International Tea Day

Posted by The Open Page | 15th December 2017

International Tea Day
International Tea Day is observed annually on December 15. It has been celebrated since 2005 in tea producing countries like Bangladesh, Sri Lanka, Nepal, Vietnam, Indonesia, Kenya, Malawi, Malaysia, Uganda, India and Tanzania. In 2015, the Indian government proposed expanding the observance of International Tea Day through the UN Food and Agriculture Organization. International Tea Day aims to draw global attention of governments and citizens to the impact of the global tea trade on workers and growers, and has been linked to requests for price supports and fair trade. As we are celebrating this international fete, let’s enjoy a cup of this aromatic beverage from some corners of the world.
We start with the country of long, inviting beaches and a variety of spices – Morocco. The Moroccan people being as unique as they are, have the tradition of serving their mix of mint, green tea leaves and a generous amount of sugar called the Touareg tea, three times to the guests. Each time the flavor varies slightly but the high to slim delicate glasses and the alluring texture of the tea makes it hard to refuse either of these servings! 
Coming to the second largest producer of tea in the world, India, known for its colors, traditions, and culture is also very famous for its masala chai. For Indians chai is not just a mixture of black tea leaves with some spices like cinnamon or ginger, for them it is the fuel of life, it is the medicine for someone’s headache or the brew which binds India together. Chai is the quintessential element to every Indian family, their mornings start with a sip of chai in their living rooms to have a lively chai talk, it involves all the topics be it politics or their children failing an exam! Going on the streets of this beautiful country, we find vendors called chai wallahs selling this luscious brew in clay cups made from local earth. The earthly smell of this beverage makes it the national drink of India.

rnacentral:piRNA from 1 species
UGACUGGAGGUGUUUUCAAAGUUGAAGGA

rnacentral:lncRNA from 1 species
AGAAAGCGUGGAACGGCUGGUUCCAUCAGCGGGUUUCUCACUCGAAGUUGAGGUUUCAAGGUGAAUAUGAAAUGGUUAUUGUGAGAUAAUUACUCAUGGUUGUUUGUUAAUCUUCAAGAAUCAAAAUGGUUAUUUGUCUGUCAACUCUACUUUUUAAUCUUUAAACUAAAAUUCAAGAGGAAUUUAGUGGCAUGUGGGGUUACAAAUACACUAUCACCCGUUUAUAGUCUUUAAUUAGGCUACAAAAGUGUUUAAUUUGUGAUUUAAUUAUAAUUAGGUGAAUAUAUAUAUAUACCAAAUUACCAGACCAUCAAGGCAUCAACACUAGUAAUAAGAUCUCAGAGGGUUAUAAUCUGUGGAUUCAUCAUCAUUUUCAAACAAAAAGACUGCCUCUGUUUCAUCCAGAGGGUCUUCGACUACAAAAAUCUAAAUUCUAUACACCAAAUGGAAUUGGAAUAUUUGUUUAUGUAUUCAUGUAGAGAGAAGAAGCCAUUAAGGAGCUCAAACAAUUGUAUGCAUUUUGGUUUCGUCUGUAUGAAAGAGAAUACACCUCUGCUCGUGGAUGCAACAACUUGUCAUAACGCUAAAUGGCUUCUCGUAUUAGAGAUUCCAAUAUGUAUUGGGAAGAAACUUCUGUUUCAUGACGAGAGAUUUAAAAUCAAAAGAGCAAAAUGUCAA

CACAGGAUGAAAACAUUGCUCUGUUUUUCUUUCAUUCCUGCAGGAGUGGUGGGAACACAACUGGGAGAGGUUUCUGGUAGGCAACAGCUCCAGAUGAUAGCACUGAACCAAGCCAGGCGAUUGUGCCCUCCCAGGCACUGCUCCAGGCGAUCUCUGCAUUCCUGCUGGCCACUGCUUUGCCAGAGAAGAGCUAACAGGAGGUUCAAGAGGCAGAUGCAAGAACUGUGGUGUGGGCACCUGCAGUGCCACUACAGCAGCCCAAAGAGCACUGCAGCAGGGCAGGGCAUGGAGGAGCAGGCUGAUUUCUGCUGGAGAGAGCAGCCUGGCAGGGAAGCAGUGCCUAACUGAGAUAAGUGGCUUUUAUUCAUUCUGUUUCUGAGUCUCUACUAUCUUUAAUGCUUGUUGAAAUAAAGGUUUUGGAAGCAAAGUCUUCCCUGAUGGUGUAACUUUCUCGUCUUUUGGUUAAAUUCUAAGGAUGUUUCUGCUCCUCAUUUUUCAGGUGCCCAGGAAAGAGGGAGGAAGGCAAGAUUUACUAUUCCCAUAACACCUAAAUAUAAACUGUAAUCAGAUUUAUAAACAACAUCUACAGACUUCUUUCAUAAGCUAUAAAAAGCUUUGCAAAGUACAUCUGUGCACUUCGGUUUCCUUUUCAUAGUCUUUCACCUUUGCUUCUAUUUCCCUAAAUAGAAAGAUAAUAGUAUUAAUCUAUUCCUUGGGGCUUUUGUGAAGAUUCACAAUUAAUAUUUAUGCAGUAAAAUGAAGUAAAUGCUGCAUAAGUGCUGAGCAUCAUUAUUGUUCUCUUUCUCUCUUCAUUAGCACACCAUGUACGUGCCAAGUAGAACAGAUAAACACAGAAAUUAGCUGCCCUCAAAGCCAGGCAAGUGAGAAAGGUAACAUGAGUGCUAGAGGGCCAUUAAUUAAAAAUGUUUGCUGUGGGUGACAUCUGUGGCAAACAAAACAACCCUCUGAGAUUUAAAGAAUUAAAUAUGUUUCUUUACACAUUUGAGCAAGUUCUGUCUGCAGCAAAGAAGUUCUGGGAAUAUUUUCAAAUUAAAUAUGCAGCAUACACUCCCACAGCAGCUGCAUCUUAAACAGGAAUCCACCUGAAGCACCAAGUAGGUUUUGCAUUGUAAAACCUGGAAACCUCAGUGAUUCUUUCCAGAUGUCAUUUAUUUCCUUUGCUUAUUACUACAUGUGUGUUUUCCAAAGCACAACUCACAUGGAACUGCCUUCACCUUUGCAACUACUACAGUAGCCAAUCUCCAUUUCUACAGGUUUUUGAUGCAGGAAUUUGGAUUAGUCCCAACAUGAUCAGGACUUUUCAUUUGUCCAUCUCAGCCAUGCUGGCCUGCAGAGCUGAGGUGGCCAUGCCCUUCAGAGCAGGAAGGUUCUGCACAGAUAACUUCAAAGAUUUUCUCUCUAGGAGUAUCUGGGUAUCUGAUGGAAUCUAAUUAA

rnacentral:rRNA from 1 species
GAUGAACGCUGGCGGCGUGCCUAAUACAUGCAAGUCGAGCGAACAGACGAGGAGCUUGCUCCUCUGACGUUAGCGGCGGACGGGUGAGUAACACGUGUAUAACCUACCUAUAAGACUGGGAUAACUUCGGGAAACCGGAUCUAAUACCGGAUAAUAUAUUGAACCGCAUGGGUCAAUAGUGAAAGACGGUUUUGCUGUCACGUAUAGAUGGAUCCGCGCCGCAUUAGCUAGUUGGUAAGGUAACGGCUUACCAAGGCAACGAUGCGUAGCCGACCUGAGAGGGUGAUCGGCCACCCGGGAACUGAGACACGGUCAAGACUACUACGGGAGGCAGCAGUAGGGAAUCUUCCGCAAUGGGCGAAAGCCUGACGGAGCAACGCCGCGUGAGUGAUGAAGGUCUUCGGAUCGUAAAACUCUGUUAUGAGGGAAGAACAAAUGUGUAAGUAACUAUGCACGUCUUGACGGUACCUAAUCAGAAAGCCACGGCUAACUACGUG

Moving on to the largest producer of tea in the world, china. China being the country of pride and discipline have a very systematic and gradual process. Guests are invited to smell the leaves before brewing. This is just the first of many steps, along with warming the cups with a wash of the tea's first brew. The second is drinking, and the tea will be ideally be poured by arranging the cups in a circle, pouring from high in one continuous motion, around and around until each cup is full. Guests are expected to cradle the cup—and its accompanying saucer if there is one—in two hands, to sip slowly and savor the flavor, and then cradle the empty cup to relish in the aroma after the tea is gone. This traditional tea ceremony is called Gongfu tea. It is very strong and filled with love.
Let’s end this journey with a sip of Malaysia’s teh Tarik. This brew contains black tea, sugar, and condensed milk. This beverage is famous for its distinctly frothy texture which is very hard to achieve. Malaysian brewers pour the beverage back and forth between mugs, giving the liquid repeated access to cool air as it flows from one glass to another. As this tradition developed, so too did the showmanship of its making. To watch tehtarik being mixed is to witness an elaborate and energetic dance, where the brew behaves as a partner, leaping to and fro without a drop ever being lost!
Tea time is a chance to slow down, pull back and appreciate our surroundings because tea just makes everything better!
-Shivangi Dasgupta
Young Reporter's Club

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